What Apple Has Taught the World About Putting on Big Events
There was a time when conferences and other corporate events were barely tolerable. It seemed more like a punishment to get sent to one on behalf of your company. It was a necessary evil that someone had to do. If you were very unlucky, that someone would be you.
Almost everything about the experience was bad. Here is a list of things that could still stand improvement:
- Venues that are hard to get to
- Limited and expensive parking
- Limited and expensive lodging
- Insufficient food options
- Poor connectivity
One way to deal with the problem is to organize the event as if money were no object. But that is out of reach for most companies because money is always an object. Apple once built an entire building next to the Flint Center to give the press more hands-on room. But even they couldn’t bus everyone in from the airport, put them all up in a nice hotel, and take care of all of their needs throughout the conference.
That said, Apple has done a lot to revolutionize how corporate events are done. And the industry is better for it. This is some of what they taught, that every business needs to take to heart:
For some time, Apple has offered a custom app for its annual World-Wide Developer Conference (WWDC). It is mainly focused on streaming the sessions to developers that cannot be in attendance. For developers, it is one of the most important apps Apple makes.
But theirs is not the only kind of mobile event app on offer. Apple did not just inform the industry that they should provide apps for events, but that they should provide custom apps suited for their particular priorities.
You might prefer a mobile event app that is designed to increase engagement through activity feeds, gamification, live polling, Q&A, surveys, ratings, and reviews. Perhaps your app is more about managing announcements and scheduling changes. Or maybe you would prefer to have some kind of internal chat client that helps participants stay in touch with one another.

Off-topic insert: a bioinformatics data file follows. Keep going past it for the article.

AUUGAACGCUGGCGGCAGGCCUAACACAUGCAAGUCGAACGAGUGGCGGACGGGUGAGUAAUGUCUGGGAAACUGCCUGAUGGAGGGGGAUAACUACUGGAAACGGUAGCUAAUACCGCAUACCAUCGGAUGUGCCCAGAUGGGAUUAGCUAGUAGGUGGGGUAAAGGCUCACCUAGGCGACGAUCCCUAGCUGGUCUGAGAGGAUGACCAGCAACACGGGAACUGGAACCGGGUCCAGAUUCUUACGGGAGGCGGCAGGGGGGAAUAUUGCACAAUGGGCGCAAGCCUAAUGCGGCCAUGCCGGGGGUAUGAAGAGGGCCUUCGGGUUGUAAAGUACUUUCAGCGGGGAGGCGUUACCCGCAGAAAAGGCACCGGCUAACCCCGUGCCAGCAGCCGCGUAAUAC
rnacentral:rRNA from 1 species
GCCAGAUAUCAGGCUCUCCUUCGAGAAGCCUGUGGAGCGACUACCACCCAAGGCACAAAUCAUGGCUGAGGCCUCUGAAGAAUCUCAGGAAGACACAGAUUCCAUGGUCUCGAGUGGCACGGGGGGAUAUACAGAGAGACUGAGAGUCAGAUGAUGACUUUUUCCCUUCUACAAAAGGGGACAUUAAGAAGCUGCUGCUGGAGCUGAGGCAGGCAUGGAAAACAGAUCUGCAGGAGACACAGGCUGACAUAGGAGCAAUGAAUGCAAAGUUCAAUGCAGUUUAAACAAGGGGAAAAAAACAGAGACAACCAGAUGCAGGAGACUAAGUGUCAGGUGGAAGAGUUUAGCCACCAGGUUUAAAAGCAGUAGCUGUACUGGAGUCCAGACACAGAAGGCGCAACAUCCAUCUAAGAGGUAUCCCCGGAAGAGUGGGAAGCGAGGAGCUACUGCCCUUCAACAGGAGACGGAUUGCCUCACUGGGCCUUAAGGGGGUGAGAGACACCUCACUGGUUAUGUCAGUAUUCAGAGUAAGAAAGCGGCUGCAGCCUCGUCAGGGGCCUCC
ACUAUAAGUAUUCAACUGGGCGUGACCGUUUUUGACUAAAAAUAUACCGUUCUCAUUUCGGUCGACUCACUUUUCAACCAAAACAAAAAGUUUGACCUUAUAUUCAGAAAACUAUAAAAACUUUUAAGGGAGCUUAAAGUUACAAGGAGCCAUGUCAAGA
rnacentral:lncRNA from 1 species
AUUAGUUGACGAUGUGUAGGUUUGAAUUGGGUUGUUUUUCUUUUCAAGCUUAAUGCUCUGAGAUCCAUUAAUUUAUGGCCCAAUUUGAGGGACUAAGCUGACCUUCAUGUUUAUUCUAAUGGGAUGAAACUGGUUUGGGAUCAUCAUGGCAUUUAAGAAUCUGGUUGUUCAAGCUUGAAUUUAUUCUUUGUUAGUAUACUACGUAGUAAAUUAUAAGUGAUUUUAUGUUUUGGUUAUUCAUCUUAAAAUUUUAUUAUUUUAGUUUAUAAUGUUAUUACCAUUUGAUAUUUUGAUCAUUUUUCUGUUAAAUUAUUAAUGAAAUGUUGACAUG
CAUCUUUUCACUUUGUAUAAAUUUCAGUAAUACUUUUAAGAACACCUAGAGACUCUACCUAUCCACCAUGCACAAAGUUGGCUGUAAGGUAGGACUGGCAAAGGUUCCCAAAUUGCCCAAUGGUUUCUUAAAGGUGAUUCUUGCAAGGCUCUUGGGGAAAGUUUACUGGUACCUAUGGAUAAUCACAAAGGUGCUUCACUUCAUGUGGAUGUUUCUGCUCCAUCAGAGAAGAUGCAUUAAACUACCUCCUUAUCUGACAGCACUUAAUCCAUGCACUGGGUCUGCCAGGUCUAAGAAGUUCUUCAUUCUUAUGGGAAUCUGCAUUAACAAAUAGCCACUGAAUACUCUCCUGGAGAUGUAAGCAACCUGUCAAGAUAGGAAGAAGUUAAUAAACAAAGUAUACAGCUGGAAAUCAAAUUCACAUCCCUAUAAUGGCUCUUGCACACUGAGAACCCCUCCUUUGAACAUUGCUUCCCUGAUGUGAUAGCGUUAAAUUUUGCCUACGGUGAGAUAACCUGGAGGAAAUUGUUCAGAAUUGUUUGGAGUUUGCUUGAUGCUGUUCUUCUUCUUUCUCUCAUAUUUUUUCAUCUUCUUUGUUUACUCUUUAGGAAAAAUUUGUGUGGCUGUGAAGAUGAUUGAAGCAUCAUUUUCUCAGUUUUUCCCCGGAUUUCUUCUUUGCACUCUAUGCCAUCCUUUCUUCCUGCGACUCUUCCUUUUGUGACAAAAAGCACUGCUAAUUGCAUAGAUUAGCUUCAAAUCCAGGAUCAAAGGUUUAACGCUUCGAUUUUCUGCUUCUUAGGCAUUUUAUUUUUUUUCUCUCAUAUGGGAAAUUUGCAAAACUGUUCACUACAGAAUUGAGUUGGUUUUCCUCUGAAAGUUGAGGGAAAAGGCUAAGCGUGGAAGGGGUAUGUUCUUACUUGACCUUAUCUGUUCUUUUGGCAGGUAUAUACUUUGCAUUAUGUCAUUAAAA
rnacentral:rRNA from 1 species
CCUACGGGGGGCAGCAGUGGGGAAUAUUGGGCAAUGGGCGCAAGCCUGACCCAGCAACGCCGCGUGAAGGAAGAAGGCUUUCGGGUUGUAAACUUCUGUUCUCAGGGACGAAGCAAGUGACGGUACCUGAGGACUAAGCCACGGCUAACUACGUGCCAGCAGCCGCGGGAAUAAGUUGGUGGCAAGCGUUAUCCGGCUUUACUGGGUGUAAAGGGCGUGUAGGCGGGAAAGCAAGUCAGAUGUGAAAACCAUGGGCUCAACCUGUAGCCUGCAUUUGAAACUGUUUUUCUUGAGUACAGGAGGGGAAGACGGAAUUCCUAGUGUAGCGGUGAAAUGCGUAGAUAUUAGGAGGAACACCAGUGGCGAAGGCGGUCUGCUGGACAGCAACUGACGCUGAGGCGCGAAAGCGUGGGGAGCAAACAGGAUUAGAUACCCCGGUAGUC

Whatever the driving force behind your seeking a custom app solution, there is a way to get it. Apple knows how to keep attendees engaged via event apps. That is a solution now available to everyone.
Polish the Presentations
Some say Steve Jobs was more P.T. Barnum than Thomas Edison. While he surrounded himself with inventors, Jobs was more a salesman and showman.
When he took the stage, it wasn’t just a keynote; it was a Steve-note. That has always made the more traditional PowerPoint slide-driven presentations feel stale, sad, and pathetic.
Jobs weaved around himself what came to be known as the reality distortion field. Even when he was announcing a lackluster product, it seemed like a world-changing advance at the time.
Tim Cook is no Steve Jobs. But in all fairness, no one is. What Apple presenters are is extremely well practiced and polished with regard to their presentations. This polish makes announcements feel important, even when they’re not.
Conference keynotes from most every other company still feel a little PowerPoint. But they are starting to improve. If you want people to stay awake and engaged with your message during and after the program, you have to do a lot better at presenting. Preachers study the art of homiletics. It is past time conference presenters follow in Apple’s footsteps and do the same.
Finally, these conferences and special events are being covered by the press. The press are not using paper notepads to do their live coverage. They are taking photos and publishing blog posts in real time. That means the room has to be blanketed with ubiquitous wifi.
The single most disastrous Steve-note was in 2010 when the wifi was so bad, Steve couldn’t do the demos. He had to beg, cajole, and threaten the audience to turn off their wifi devices that were hopelessly clogging the pipes. Apple has had other keynote problems. But they never repeated that one. Neither should anyone else.
Make sure your next event reflects these lessons: Commission an event app. Polish those presentations. And feed the press all the wifi they can eat.